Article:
Makar Sankranti (Sankramana, Pongal, Uttarayan) 2023

Makar Sankranti is celebrated to shed differences and increase love
Makar Sankranti is celebrated to shed differences and increase love

The Makar Sankranti festival, unlike other Hindu festivals, is not dependent on the tithi (position of the moon) but on position of the sun. On this day, the sun enters the zodiac sign of Capricorn. Usually, Makar sankranti is celebrated on 14th January. But, to compensate for the difference that occurs due to the revolution around the sun, sometimes sankranti gets pushed ahead by one day. In 2023, Makar Sankranti will be celebrated on 15th January. Sankranti is considered as a Deity. According to a legend Deity Sankranti killed a demon named Sankarasur. Kinkrant is the day after Sankrant. On this day a Deity killed the demon Kinkarasur.

This is the biggest festival of the Sun God, the bestower of Life. This day is most important to also worship Shri Vishnu and Goddess Mahalakshmi.

Importance of Makar Sankranti

Uttarayan Dakshinayan Makar Sankranti

The northward movement (Uttarayan) of the sun begins on this day. The period from Karka sankrant (the passage of the sun into the zodiac sign of Cancer) till Makar Sankranti is called the Dakshinayan. A person who dies in the Dakshinayan period has a greater chance of going to Yamalok (southward region), than one who dies during Uttarayan (northward revolution).

What can you do on Makar Sankranti ?

Spiritually, this day is very conducive for spiritual practice and to imbibe Chaitanya in the environment. So certain activities are conducive to our physical, mental, and spiritual well-being. These activities have been listed below.

Donate to a worthy cause during this auspicious period

Donate to Sanatan Sanstha

The period from Makar sankranti to Rathsaptami is an auspicious period. Any donation and meritorious deeds in this period prove more fruitful. Please consider making a donation to help Sanatan Sanstha’s mission of spreading spirituality. Click on donate to contribute now –


Substances offered on Makar sankranti

An offering of new vessels, clothing, food, sesame seeds, pot of sesame seeds, jaggery, a cow, a horse, gold or land should be made depending on the capability. On this day, married women also make some offering. They take things from unmarried girls and give them sesame seeds and jaggery in return. Married women organise a ceremony of haldi-kumkum (applying vermillion and turmeric to the forehead) and gift articles to other married women.

Exchange of gifts by married women

Makar sankranti giving gift

Giving a gift to another woman amounts to surrendering to the Divinity in the other, through body, mind and wealth. Since the period of Makar sankranti is favourable for spiritual practice, a gift given during this period results in bestowal of Divine grace and the individual gets the desired fruit.

Subtle Drawing depicting benefits of a sattvik gift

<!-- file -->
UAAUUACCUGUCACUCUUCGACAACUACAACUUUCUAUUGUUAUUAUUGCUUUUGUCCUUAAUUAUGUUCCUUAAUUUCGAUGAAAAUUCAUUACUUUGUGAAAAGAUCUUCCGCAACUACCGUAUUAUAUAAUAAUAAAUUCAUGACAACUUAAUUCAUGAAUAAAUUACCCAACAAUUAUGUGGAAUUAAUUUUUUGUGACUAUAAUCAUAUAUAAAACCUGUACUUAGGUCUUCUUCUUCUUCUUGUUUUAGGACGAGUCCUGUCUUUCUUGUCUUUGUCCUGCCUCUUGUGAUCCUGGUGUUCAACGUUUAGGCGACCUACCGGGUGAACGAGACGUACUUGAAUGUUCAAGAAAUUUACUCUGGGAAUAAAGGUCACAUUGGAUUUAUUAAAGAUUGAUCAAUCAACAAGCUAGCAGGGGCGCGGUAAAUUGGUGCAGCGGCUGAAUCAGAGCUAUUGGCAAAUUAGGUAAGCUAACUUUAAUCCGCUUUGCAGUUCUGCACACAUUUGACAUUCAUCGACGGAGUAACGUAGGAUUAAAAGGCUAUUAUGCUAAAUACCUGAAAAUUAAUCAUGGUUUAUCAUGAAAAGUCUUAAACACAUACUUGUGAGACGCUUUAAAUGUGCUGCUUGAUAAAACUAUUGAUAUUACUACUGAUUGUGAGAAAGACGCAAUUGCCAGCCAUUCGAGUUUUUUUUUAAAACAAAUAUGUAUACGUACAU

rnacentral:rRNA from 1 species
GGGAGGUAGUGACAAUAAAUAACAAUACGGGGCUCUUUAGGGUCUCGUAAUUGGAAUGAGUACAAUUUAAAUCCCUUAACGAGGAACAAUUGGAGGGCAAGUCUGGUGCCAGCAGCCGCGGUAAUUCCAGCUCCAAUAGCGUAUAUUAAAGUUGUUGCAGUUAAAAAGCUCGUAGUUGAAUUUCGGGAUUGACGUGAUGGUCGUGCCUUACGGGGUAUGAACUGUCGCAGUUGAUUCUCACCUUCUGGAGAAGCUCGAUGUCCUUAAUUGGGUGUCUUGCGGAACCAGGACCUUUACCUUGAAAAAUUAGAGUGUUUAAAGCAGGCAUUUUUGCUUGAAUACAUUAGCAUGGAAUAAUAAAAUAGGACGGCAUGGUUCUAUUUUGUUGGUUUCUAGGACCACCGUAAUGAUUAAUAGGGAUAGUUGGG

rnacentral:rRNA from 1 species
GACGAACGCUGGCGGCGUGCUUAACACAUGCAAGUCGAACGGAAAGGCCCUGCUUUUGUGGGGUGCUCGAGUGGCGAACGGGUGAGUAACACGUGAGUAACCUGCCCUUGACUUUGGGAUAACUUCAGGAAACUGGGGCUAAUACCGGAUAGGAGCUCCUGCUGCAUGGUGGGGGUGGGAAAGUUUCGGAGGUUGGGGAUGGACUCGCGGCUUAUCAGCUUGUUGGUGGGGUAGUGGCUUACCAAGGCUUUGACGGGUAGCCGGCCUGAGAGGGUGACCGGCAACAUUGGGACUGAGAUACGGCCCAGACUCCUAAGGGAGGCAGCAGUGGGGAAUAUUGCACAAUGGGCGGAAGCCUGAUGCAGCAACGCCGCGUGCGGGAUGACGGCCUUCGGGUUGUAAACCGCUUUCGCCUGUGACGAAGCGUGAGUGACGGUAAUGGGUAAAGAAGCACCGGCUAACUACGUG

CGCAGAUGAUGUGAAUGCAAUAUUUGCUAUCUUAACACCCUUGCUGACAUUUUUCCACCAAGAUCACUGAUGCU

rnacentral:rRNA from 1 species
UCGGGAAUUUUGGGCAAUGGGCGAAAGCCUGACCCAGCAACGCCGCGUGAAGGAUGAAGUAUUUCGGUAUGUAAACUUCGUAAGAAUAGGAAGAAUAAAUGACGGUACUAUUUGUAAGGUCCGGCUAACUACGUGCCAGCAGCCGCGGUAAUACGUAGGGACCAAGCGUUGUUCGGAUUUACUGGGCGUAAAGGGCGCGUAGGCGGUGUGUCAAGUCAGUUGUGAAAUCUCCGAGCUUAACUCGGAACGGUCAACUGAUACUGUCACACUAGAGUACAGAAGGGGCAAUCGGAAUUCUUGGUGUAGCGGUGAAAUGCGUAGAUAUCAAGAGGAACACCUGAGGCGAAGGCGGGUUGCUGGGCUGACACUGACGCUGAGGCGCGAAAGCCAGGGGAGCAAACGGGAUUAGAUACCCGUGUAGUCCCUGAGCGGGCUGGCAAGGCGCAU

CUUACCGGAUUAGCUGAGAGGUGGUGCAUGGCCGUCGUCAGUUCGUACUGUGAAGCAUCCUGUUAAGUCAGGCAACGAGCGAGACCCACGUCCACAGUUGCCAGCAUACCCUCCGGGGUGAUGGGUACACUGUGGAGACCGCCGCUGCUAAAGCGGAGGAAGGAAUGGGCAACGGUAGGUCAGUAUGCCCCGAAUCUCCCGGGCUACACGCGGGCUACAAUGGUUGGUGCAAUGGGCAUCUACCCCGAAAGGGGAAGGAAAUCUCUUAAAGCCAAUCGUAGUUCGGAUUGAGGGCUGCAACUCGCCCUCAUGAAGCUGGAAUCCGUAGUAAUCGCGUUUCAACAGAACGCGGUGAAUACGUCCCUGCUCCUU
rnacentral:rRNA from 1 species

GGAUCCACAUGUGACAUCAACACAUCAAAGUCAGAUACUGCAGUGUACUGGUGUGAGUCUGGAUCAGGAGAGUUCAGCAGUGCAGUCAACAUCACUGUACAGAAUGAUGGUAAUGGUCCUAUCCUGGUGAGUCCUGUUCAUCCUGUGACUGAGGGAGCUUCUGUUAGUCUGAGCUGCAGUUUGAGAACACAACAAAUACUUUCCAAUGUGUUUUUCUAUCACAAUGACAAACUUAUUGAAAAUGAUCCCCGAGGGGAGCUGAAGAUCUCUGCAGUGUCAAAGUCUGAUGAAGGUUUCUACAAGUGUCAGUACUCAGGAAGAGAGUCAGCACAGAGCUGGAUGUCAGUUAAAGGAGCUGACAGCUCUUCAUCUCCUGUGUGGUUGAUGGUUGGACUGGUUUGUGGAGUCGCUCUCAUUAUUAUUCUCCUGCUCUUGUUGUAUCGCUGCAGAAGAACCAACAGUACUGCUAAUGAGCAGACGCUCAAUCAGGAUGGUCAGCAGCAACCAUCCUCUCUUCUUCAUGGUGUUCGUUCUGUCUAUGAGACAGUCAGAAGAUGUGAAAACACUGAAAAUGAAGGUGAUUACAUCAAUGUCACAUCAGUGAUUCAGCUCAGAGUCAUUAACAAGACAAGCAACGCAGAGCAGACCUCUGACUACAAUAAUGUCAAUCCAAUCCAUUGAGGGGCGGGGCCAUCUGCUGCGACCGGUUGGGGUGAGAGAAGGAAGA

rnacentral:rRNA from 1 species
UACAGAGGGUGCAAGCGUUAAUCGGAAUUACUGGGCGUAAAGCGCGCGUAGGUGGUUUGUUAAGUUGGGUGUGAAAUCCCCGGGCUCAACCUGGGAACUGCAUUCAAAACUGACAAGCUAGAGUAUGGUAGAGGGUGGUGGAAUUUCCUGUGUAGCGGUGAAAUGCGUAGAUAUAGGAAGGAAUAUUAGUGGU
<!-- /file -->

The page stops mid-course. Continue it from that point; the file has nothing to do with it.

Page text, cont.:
So this year, for Makar Sankranti, instead of gifting plastic stuff and steel boxes, gift substances that are complementary to spiritual practice and are indicators of a married life. For example incense sticks, ubtan (fragrant powder used during bath), religious texts, Holy texts, pictures of Deities, CDs on spiritual topics etc.

To buy sattvik gifts,

Holy dip on the day of Makar sankranti

Holy dip in rivers like Ganga, Yamuna, Kaveri

The time from sunrise to sunset on Makar sankranti is auspicious. A Holy dip during this period carries special significance. Those who take a Holy dip in the rivers Ganga, Yamuna, Godavari, Krushna and Kaveri at the Holy places situated on the banks of these rivers acquire the highest merit.

Importance of sesame seeds

Sesame seeds have a greater ability to absorb and emit sattva frequencies. Consuming tilgul (a mixture of sesame seeds and jaggery) cleanses one at the spiritual level. Distributing tilgul to one another results in an exchange of the Sattva component along with increasing the positive attitude. Do keep the tilgul in front of the Deity before distributing, so that the sattva frequencies in it are preserved.

Hence there is a maximum use of sesame seeds during Makar Sankranti festival. For example, bathing with water containing sesame seeds, eating and distributing tilgul (a sweet made from sesame seeds), offering sesame seeds to Brahmans, lighting lamps of sesame oil in a temple of Deity Shiva, and performing pitrushraddh (rite for the departed ancestors) in which an offering of sesame seeds is made.

Haldi-kumkum ceremony

Haldi Kumkum ceremony for married women

The Haldi-Kumkum ceremony (exchange of turmeric, and vermilion powder made of turmeric between married women) is carried out between Makar Sankranti and Rath Saptami. On Makar Sankranti, the Chandranadi (The moon channel) of the Universe gets activated, along with an increase in Raja-Sattva waves. This creates an environment that is conducive for spiritual growth. It is during such a period that the Haldi-Kumkum ceremony is conducted.